If you’re unfamiliar with our 2022 Founders Series, you can read all about it HERE. We’re highlighting five founders and their respective brands to talk about values, entrepreneurship and the role of mental health.
What started out as a journey to find a beer that wouldn't discount or diminish his fitness goals, Bill Shufelt, Co-Founder & CEO of Athletic Brewing, found himself walking down the (unexpected) path of entrepreneurship. Some say that the best businesses are founded by an individual aiming to solve a problem that they or others are facing and Bill has done just that. From a career in finance to dismissal from others in the beer industry, Bill has since created a brand and a beer that holds almost 50% of the non-alcoholic craft beer segment. From recognizing that alcohol no longer served him to create a brand to balancing his own mental health, this is Bill's founding story.
Where did the idea for Athletic Brewing come from?
BS: I never thought I would be an entrepreneur, and the idea for Athletic Brewing emerged authentically from my lifestyle. I view myself as a modern, healthy adult. I love waking up early, exercising, and performing highly in everything I do. I strive to be mindful when I’m hanging out with my friends and family, and always want to feel as sharp as possible in my quest to live a long and healthy life.
About 10 years ago, I realized alcohol was no longer serving my lifestyle. It was an artificial ceiling on achieving all of my goals, so I decided to leave it behind for good. However, I still love socializing with friends and family. I love pairing great beer with delicious meals, and I love both relaxing and celebratory occasions. When I stopped drinking, I realized just how bleak the adult non-alcoholic beverage market was. So I set out to change that by creating a company focused on crafting delicious non-alcoholic beverages that didn’t anyone to compromise on taste or quality when choosing to abstain from alcohol.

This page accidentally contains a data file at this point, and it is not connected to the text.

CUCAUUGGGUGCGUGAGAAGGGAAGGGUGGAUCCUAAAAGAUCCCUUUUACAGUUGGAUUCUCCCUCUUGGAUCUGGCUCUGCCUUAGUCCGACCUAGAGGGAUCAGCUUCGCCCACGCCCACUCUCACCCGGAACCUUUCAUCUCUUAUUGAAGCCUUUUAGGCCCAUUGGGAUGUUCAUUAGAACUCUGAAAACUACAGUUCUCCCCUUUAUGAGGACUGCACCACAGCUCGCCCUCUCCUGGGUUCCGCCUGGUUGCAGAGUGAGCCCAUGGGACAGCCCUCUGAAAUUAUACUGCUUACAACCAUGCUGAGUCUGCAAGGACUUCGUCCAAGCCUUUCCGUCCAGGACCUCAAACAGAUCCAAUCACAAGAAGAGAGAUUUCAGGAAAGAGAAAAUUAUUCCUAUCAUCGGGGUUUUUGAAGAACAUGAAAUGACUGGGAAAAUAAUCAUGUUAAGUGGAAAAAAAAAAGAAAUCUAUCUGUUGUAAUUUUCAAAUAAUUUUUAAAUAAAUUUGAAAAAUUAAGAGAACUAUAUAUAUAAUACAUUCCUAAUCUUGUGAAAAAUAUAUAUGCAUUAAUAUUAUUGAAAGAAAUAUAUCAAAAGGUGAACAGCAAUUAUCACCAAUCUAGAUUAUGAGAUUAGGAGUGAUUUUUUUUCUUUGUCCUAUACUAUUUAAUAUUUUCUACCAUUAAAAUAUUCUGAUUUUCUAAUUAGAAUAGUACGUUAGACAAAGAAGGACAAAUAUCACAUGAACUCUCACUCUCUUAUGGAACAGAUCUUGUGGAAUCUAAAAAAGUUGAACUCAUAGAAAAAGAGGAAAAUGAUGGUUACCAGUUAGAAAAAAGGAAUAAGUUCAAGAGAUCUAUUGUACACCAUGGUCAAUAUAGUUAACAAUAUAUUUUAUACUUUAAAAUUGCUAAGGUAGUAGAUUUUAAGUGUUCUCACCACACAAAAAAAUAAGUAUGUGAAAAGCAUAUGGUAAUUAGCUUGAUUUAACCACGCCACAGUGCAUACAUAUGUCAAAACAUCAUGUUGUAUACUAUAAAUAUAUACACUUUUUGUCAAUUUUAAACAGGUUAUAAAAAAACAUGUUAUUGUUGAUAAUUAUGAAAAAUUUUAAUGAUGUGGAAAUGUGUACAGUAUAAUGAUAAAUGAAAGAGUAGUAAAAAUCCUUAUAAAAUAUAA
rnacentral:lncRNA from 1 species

What’s the “why” behind Athletic Brewing?
BS: Athletic’s mission is to positively impact our customers’ health, fitness, and happiness while greatly impacting our communities and environment for the better. By including the nearly 50% of adults who don't regularly consume alcohol in everyday social occasions, and by making moderation both accessible and aspirational, we believe we can make a huge positive impact on tens of millions of people’s lives.
Can you recall one of the biggest hurdles you experienced while founding Athletic Brewing?
BS: Essentially everything. There is nothing easy about starting a small business and founders must wear so many different hats in the early days. One of our first big challenges was convincing angel investors to help us build the first dedicated non-alcoholic brewery and taproom in the U.S. We had over 120 meetings with potential angels before we identified an amazing crew of early backers who believed in our mission.
What’s the best piece of business advice you ever received?
BS: Nothing worthwhile is ever easy, and if it's easy it won't be durable. So run right at the biggest challenges and make the hard decisions.
What’s the biggest piece of advice you’d give to a founder or young entrepreneur?
BS: Stick with it. Every business would fail without persistence, but there is always a solution lurking right around the corner. If you can persevere through difficult times, and constantly look to approach problems from different angles, you’ll find success.